Once the limits and procedures followed to analyze products have been defined, it is also necessary to define the percentage of admissibility, i.e. the Probability of Microbilogical Failure. For instance, a product for which there is a probability of 0.1% to be expired after “x” days might be considered good, or it could be acceptable with a probability of 0.5%. These two values, even if close to each other have a big influence on the declared “shelf life”.
To give an example:
After several samples and analysis, suppose that a product, statistically, has shelf life of:
- 15 days with a expiring probability of 0,000%
- 30 days with a expiring probability of 0,001%
- 45 days with a expiring probability of 0,020%
- 60 days with a expiring probability of 0,150%
It is then possible to consider that, after 45 days, the probability that the product is unexpired is 99,98%, while after 60 days the probability is 99,85%.
Minute differences (only 0,13%) in the admissibility result in substantial differences in the lasting of the product.
All of this proves, that there are several parameters to be considered, while differing analysis methods, or parameters evaluated differently, will provide differing shelf life results.
To obtain good shelf life
Generally, the efficiency of an egg products plant is evaluated based on the starting total plate count (TPC) of the raw product and the final TPC of the packaged product.
It should be pointed out that with the TPC, bacterial charge of the sample is estimated by means of small selective growth conditions with mesophile temperatures (32°C). However, we know that the micro organisms responsible for the degeneration during refrigeration time are the psicrofili which remain active at temperatures equal to or below 5°C.
With a small selective analysis like the TPC, we can estimate the content of the bacteria in the product but we cannot identify their characteristics. It is only known that they are thermal resistant, but their metabolism and their degenerative aspects during the preservation time are not known. Therefore, under the same TPC we can have different performances in the packaged product.
It is also very important to underline that the shelf life of an egg product is not only the result of a pasteurization process but depends also on many other factors:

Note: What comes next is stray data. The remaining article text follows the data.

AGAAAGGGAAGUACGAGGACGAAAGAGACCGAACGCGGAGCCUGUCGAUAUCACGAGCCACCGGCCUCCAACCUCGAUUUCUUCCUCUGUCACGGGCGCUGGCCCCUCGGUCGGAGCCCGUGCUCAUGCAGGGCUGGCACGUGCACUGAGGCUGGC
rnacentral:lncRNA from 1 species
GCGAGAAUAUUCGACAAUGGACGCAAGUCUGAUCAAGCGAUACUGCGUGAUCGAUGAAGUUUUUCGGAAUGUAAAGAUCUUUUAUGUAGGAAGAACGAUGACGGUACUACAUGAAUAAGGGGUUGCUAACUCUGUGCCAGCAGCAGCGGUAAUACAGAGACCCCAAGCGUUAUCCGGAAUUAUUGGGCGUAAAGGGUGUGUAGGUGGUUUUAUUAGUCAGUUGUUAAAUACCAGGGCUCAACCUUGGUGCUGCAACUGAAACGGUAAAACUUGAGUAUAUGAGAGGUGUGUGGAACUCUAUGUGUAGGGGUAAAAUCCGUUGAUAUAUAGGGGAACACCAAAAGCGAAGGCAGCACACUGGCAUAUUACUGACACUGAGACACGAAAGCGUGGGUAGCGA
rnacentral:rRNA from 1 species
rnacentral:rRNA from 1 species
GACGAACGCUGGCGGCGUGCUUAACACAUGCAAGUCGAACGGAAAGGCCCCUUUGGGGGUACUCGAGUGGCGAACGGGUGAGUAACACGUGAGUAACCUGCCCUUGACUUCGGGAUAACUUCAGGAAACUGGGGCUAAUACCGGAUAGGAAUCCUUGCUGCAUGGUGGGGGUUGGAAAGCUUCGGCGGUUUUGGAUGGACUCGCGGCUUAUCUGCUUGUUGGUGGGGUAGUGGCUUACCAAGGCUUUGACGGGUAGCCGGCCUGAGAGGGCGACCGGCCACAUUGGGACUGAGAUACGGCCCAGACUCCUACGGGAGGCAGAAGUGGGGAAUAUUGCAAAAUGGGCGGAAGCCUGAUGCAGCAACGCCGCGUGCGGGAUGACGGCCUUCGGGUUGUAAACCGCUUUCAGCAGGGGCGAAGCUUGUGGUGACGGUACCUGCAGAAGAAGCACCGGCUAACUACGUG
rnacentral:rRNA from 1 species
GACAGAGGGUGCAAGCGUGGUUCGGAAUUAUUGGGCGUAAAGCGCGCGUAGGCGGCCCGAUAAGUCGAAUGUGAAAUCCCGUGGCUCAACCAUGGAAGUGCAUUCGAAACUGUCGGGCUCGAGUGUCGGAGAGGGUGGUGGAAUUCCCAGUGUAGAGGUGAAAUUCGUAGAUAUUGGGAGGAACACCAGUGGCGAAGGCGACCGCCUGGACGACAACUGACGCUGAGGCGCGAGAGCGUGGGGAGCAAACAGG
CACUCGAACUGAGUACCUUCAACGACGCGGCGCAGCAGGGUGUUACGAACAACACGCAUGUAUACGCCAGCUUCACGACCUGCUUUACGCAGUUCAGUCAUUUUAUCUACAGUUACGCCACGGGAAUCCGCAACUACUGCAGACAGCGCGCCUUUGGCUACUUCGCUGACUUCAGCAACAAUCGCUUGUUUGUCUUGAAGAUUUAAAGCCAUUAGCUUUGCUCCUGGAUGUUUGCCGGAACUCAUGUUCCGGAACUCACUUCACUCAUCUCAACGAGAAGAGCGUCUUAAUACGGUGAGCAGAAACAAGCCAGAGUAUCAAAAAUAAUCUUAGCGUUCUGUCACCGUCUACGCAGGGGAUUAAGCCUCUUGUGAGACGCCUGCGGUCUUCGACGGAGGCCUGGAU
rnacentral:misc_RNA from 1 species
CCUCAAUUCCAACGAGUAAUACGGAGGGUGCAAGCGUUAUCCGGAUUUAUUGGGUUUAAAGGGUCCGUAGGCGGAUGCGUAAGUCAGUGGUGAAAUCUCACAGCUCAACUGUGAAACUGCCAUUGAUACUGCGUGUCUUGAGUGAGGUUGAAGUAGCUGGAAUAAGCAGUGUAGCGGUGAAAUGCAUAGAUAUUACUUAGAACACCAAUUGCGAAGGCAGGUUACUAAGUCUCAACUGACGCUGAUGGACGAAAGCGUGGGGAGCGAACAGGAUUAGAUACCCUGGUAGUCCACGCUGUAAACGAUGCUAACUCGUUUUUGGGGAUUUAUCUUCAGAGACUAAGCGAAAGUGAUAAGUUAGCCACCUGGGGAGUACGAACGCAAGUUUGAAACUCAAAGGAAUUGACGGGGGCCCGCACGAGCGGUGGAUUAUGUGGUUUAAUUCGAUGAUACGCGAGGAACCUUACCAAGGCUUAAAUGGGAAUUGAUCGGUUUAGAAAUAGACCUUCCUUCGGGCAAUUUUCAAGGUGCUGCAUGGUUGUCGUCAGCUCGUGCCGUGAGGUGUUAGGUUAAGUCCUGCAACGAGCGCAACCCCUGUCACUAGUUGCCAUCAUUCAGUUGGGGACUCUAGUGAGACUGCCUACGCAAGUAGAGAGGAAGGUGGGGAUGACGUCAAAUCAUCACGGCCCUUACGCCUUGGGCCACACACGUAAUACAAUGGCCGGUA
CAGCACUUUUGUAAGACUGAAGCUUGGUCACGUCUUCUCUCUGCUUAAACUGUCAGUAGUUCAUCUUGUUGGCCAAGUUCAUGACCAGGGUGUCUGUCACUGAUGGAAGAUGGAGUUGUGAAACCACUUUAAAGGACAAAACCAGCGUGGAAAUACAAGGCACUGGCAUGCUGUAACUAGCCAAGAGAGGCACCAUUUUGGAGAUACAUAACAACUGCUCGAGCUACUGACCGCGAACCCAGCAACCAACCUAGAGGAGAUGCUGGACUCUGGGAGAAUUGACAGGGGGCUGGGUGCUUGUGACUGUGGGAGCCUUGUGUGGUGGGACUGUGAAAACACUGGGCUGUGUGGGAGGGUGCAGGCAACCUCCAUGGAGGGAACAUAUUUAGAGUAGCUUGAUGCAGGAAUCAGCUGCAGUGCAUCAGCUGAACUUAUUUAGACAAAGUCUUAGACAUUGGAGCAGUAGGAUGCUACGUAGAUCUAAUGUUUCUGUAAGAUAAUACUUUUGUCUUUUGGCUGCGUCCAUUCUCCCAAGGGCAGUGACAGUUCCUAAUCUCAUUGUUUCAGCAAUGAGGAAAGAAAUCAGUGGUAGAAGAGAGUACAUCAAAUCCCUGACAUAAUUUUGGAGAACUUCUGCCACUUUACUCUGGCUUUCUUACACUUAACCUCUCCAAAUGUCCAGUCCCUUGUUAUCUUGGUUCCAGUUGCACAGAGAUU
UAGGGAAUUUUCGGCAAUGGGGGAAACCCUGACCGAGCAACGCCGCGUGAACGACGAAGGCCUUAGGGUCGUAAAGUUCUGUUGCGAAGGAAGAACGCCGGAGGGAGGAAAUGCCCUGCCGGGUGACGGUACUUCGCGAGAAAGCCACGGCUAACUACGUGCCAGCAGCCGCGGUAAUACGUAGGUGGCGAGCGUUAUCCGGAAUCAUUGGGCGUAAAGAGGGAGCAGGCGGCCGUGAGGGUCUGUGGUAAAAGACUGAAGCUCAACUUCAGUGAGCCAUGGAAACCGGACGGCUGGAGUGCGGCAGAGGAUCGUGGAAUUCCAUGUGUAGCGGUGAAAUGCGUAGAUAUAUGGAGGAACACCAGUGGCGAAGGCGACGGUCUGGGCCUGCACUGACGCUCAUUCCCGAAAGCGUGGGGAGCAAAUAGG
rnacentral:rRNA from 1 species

Type of product
The production of long shelf life products (ESL) is first determined by a fresh, and high quality shell egg, that has not suffered stress during storage. Consider, for example, micro-cracks created during transport and handling, or sudden temperature changes (thermal shock), all of which can result in pre-contamination of the product before breaking.
Treatment during breaking operations
This is a very critical concern, as this is the first contact the product will have with the external environment and it is extremely important that the breaking machine is designed with regard to the maximum level of hygiene, ensuring a thorough cleaning cycle. For example, one processor decided to exchange their old breakers with new OptiBreakers, to handle a total daily production of 150 tons of egg products. Previously, the UHST pasteurised egg had a bacteria count at an average of 950.ufc/g . After the installation of the new Optibreakers, the bacteria count was reduced to an average of 60.UFC/g. This is the equivalent of one log reduction of the bacteria.
In order to confirm how difficult it is to define the meaning of shelf life, it is important to underline that the bacteriological result has been obtained from the final product (pasteurized), so it is clear that the effect of the pasteurizer (in terms of killing rate) is strongly connected to the quality of raw product used and the production equipment and hygiene in between the breakers and the pasteurizer
Furthermore, it is important that the product is filtered (to eliminate possible shell parts) and cooled down as soon as possible after breaking, in order to inactivate bacteria growth.
As an example, figure 1, illustrates the generation time of some bacteria in relation to time and temperature:
This clearly illustrates how important it is to keep the products below 4°C in order to avoid bacteria growth.